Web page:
**REMEMBER TO CHECK LOCAL REGULATIONS TO MAKE SURE IT'S LEGAL TO DO THIS IN YOUR AREA**

The perfect size bait

The perfect size bluegill or other live bait for BIG catfish is like the on in this picture. Hand sized bluegill will work for all three species of catfish and catch a variety of other types of fish as well. I've even caught smaller channel cats of big baits.

Let The Magic Happen!

Now take what I've told you and put it to use. Be sure to tell people you know how to turn your favorite panfish bait into a giant catfish with "magic"!

Remember

Be safe and have fun!

What to expect when using live bait

**Update 5/9/2012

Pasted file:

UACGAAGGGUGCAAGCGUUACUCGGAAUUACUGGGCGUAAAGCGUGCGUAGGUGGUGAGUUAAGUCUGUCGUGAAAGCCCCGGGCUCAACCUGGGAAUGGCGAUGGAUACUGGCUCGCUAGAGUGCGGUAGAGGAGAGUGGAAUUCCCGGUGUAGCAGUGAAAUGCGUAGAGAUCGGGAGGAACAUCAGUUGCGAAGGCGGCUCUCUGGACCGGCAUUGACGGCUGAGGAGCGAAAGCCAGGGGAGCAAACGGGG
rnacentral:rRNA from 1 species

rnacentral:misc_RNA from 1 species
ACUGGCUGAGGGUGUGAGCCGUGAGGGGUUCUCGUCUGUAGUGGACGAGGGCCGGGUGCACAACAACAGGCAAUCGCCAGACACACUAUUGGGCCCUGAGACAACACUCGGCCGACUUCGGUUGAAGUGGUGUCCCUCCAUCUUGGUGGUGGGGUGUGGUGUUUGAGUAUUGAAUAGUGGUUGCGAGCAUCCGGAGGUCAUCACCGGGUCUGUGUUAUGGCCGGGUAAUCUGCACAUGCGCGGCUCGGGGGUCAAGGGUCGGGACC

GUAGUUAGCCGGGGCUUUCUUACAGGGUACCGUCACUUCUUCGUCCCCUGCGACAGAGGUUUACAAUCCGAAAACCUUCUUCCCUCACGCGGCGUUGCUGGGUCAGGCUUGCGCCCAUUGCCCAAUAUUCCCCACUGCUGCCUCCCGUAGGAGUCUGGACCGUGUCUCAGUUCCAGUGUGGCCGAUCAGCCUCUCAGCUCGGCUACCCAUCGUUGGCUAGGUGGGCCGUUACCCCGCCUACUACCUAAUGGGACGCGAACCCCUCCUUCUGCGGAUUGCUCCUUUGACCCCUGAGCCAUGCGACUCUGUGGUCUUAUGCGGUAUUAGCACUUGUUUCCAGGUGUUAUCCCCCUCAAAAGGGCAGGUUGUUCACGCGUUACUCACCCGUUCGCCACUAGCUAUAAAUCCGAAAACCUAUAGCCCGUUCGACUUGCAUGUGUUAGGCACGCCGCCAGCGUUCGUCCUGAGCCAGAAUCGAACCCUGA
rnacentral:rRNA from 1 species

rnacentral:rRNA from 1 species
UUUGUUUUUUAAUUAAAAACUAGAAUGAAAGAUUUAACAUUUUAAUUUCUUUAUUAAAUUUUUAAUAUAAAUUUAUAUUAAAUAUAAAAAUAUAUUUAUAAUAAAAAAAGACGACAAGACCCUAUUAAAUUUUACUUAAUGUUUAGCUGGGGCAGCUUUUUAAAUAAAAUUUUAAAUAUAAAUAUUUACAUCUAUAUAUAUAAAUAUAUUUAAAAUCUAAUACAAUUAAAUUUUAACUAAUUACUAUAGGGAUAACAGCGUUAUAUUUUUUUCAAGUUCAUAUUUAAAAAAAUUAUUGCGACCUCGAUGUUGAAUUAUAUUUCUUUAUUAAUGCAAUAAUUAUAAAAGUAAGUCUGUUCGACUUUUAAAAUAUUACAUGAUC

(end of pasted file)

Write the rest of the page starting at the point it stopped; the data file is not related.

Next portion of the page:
Just because you put the big bream on your hook, don't think that you'll catch a big cat right away. Big cat's are very picky and cautious. They don't get big by being stupid. Depending on your location, you best best is to target flathead catfish. Even then you can go days and nights without a bite. Fishing for catfish is truly a test of patience. It will pay off eventually. The key's lie in bait placement, time of year, and location. If your area just doesn't produce large catfish then you might be out of luck. but I believe there's a big one in every body of water. He just happens to be the smartest fish there. There are two good ways to locate the hot spots. 1. If you live in an area that water levels are controlled, like here where I live, get out and explore the banks and bottoms for holes and structure so when the water rises you can have a good Idea where to start. 2. Try using a large slip bobber or any bobber really and just drift your bait down banks where the water has cut into it, around structure like fallen trees or even roots coming from the banks. Big cats love log jams so try locating them as well. This technique is really good when catfish just aren't biting too well and when they "hole" up during cold water periods. Find that spot and I'll bet there is more than likely a few more there.